Author Topic: A little Sierra history  (Read 3459 times)

Offline Rock Knight

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A little Sierra history
« on: June 25, 2016, 10:19:39 PM »
Over the last few years, I have over the years collected as much info as I can on the history of Sierra, and I'll give you some a rough outline I've written for those who are interested, as it does make for an interesting (albeit sad) story.  It starts with a brief flash at the glory days of Sierra--1989 and 1990--as a prelude to the real meat of Sierra's rise and decline. I haven't gotten up to 1998 yet, nor do I know much about the pre-1990 period besides that which is covered in the book Hackers; But I will give what I can, and hope I am portraying history as accurately as possible:

Sometime during 1989 or 1990, in the period in which the film studio United Artists was in financial ruin, Ken Williams, Chairman, Chief Executive Officer and President of Sierra On-Line, had a meeting with Bill Gates, then the CEO of Microsoft. At this meeting, according to Ken, he offered to sell Sierra to Gates, having had profound respect for that visionary industry leader. Gates turned Ken's offer down. However, their conversation proved both fruitful and had profound effects on the history of Sierra in years to come. As the conversation turned to the fall of the once great United Artists, the two CEOs discussed how United Artists had operated on a "hit" based business model, in which they needed a new hit yearly to survive. Ken came from this meeting resolved not to let Sierra share the fate of United Artists - not to let Sierra's destiny be governed by the whims of a given year, but rather, instead to build a business which would have consistent success, leaning on properties which could be "rebooted" yearly, updated and upgraded for each passing year. Returning from the meeting, Ken then decided Sierra's business model going forward into the 1990s:

Sierra's product line would be split into three equally important chunks, which would represent what were at the time the leading areas of success in the computer software industry. One third of Sierra's product line would consist of Educational and "Edutainent" software, which, as the 1980s turned to the 1990s, was a massive industry. Productivity Software, itself also a growing field, would occupy a third of the company's focus, and lastly but most importantly, the final third of Sierra's product line would increasingly consist of what Ken would later term "Perennial Products" such as the NASCAR, Red Baron, Caesar, Print Artist, and SWAT product lines - Games and software that could in Ken's words be ''re-vamped'' each year. He may even have intended to eventually marginalize, and perhaps phase out 'Adventure games' entirely or reinvent them utterly--He foresaw their slow decline in popularity years before it happened as the 1990s saw the failure of the legendary Zork franchise and with it, Infocom.

Thus Sierra began to buy non-adventure game companies: Dynamix in 1990, known mainly for their simulation games as well as an edutainment company, Bright Star Technologies in 1992, known for their revolutionary lip-synching technology; The acquisition of a French software developer, Coktel Vision in October 1993, expanded Sierra's international business. In March 1991, Sierra entered into a merger agreement with Broderbund Software, one of the largest educational software companies in the world at the time; the idea was to combine Sierra's strengths in entertainment software with Broderbund's strengths in edutainment to create the largest publishing house for computer software in the world. The combined company would be called Sierra-Broderbund. However, disagreements in the post-acquisition leadership of the combined company led to the disintegration of the merger in April 1991.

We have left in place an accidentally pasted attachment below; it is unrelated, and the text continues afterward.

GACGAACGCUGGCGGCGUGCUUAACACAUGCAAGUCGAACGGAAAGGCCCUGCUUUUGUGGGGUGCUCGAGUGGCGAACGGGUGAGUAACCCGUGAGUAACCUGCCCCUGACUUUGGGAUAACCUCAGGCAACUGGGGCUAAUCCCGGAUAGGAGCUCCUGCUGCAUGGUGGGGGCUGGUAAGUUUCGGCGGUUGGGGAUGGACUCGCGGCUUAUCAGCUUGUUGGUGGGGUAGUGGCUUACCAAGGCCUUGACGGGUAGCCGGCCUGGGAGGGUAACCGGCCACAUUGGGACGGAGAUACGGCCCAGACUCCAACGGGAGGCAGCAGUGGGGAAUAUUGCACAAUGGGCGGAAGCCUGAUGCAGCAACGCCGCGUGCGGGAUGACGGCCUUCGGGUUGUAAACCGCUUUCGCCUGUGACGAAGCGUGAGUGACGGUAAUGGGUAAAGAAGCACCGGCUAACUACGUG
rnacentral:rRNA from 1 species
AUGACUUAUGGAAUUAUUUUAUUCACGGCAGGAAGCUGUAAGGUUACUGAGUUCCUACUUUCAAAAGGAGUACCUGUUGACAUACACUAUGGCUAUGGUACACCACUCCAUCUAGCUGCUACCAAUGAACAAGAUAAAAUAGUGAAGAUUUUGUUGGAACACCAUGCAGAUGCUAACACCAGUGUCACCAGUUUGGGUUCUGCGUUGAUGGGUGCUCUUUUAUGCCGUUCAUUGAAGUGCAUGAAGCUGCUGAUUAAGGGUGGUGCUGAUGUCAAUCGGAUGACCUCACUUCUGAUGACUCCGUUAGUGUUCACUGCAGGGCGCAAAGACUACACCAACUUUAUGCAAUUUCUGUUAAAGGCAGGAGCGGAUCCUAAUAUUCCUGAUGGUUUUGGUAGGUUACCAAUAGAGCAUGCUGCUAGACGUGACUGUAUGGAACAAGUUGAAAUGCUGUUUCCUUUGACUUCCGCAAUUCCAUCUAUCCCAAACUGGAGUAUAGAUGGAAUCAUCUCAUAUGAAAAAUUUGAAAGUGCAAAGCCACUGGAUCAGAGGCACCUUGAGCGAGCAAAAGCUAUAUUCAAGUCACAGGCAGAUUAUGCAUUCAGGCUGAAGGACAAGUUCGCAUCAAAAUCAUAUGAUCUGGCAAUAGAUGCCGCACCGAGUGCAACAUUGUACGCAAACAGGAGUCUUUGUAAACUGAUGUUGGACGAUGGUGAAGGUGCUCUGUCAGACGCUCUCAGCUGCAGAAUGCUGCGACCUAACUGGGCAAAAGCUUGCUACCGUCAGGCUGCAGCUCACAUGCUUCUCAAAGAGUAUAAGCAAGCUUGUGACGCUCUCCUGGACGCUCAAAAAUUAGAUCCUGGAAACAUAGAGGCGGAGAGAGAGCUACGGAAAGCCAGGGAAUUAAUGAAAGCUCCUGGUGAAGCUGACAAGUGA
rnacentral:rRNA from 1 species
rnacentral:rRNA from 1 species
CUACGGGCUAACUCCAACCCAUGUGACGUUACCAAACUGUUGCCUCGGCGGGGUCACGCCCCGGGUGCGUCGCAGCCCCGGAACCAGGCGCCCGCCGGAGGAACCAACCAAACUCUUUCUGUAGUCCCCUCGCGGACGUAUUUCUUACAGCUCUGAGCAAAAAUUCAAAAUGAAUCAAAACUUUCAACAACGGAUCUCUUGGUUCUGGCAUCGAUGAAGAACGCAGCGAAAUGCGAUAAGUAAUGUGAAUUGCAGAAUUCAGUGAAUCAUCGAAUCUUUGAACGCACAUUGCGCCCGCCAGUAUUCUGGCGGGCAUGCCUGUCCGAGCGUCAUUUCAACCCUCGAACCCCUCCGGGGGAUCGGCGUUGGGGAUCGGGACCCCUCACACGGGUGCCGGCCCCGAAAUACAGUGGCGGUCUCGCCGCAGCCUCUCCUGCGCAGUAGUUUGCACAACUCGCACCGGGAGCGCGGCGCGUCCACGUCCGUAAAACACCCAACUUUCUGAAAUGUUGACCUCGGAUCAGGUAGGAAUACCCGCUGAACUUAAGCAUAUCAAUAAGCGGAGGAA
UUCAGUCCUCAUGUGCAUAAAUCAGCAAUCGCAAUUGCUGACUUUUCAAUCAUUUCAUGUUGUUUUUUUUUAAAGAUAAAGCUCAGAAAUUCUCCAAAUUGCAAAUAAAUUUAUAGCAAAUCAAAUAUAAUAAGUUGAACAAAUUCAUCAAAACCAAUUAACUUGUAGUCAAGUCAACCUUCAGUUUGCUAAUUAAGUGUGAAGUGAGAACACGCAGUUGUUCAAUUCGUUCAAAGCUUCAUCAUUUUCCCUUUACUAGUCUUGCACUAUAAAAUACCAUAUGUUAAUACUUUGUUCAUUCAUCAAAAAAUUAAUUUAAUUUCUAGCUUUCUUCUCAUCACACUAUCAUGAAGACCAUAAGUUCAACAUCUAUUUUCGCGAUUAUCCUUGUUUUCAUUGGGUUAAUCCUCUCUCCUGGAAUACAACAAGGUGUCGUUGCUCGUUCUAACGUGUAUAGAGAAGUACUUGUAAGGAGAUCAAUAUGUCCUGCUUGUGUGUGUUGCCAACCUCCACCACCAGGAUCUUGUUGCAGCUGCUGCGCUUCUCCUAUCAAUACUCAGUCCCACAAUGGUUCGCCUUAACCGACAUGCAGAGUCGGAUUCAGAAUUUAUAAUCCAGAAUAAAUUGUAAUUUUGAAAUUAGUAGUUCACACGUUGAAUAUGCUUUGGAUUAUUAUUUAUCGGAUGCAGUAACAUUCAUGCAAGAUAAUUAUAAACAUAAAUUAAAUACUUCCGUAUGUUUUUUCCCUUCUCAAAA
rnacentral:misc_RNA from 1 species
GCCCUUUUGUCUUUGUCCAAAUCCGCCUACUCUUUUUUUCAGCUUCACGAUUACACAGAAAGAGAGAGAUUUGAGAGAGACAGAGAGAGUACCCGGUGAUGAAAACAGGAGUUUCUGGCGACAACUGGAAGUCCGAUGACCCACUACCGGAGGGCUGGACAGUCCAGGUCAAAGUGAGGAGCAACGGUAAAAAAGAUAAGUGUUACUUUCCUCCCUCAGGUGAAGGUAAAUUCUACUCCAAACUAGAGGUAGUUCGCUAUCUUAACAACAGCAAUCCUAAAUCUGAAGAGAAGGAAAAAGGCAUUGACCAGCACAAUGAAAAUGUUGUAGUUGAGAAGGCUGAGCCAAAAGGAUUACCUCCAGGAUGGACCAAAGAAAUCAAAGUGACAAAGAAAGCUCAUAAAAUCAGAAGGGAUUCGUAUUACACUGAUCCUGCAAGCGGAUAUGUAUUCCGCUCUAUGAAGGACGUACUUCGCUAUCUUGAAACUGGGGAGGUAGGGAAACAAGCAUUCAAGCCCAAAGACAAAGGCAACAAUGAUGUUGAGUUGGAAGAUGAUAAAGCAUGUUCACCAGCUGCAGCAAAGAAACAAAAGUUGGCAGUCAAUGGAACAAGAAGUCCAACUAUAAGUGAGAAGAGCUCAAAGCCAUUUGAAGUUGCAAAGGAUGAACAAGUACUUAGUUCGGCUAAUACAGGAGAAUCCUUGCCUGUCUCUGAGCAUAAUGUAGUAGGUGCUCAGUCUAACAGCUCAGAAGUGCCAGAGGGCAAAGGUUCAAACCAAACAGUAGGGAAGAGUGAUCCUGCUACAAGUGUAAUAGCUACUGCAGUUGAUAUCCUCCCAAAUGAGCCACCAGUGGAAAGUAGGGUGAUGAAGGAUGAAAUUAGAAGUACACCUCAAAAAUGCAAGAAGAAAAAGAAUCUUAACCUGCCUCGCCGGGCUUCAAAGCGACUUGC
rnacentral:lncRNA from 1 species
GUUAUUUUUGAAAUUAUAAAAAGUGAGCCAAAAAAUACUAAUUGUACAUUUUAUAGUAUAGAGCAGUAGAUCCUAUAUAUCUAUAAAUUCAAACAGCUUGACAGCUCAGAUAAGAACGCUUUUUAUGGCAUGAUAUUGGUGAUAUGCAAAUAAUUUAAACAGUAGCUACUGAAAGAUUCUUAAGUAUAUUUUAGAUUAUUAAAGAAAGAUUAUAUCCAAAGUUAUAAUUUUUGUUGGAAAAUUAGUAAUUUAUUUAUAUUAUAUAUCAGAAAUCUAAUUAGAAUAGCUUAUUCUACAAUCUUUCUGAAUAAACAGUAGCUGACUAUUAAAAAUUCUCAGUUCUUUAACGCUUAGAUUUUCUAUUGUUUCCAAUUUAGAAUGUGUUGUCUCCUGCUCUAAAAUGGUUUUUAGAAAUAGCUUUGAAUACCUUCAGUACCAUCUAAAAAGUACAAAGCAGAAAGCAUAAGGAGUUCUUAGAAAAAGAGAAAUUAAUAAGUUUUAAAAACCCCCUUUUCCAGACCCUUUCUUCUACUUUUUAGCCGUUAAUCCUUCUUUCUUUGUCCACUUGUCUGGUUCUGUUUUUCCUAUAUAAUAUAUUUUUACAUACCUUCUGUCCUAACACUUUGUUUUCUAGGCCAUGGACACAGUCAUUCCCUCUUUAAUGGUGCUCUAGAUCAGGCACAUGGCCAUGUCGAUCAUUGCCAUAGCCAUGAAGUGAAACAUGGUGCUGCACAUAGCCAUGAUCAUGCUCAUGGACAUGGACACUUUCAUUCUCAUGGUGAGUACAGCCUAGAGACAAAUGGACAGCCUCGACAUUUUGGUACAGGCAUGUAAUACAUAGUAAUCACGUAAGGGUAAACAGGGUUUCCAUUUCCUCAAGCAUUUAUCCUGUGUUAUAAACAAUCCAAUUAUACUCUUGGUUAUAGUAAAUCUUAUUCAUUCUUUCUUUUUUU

In early February 1992, Ken made an overture to buy Id Software, after receiving from id a demo of Wolfenstein 3D; The attempted acquisition failed, though it did make for a funny story with regard to the differing corporate cultures of both companies. Ken on the failed id acquisition:

"I wish I had been able to persuade them to work with us. I would have pushed harder, but I have never been into violence, and really didn't want to publish violent games -- even knowing that I had a fiscal responsibility to shareholders to "do the right thing" for the company.

A funny part of the story is that I didn't realize how "casual" they were, and met them at a fancy french restaurant. I wore a coat/tie, and they showed up in totally ripped up clothing, and in flip flops. I didn't care, and would have happily swapped them clothes - but, the restaurant was freaked out. I was a good customer, so they moved us off to a private room, where we were stared in amazement by any of the restaurants other patrons who happened to see us.

It was a great evening, and one I shall never forget. They are amazing guys and deserve all the success they've had."


Ken's new strategy was working; as of 1992, consisted of 300 employees overall, and was only growing later with each passing year. By 1994, the company was the market share leader in PC gaming, and second only to Microsoft in computer software overall. Their main competition was considered to be Electronic Arts and Microsoft (as of a 1998 corporate profile).

After a year of  upheaval, in January 1994, Sierra officially moved its headquarters to Bellevue, Washington. This marked a major turning point for the company; Ken wanted the company to grow, and Oakhurst was becoming increasingly hard to manage as the headquarters of an ever-growing corporation; it was also very hard to persuade new employees (especially executives) to relocate to a relatively obscure, small town.

To some employees, the move to Bellevue marked the end of an era for Sierra, and resulted in a profound change in the atmosphere of the company; In the view of some former employees, the move to Bellevue saw Sierra becoming more of a corporation, rather than being a "family" of co-workers all living and working in the same area. Its new headquarters located not far from those of Microsoft, Sierra was now a corporation, in a big, very different city with a much different culture from that of Oakhurst. Yet, the move worked - Sierra, by the end of 1994, was a powerhouse; It remained an innovative developer, and was becoming an increasingly respected publisher; its games lined up on the best-seller charts and, while the company was briefly plagued by financial woes due to the (unfortunately) bungled experiment with the first ever online multiplayer gaming system, called the The ImagInation Network, all was bright in Bellevue. The company negotiated a partial sale of INN to AT&T, and it was renamed The Sierra Network. Sierra would continue to partially own the company until 1996, and would retain exclusive rights to develop games for it.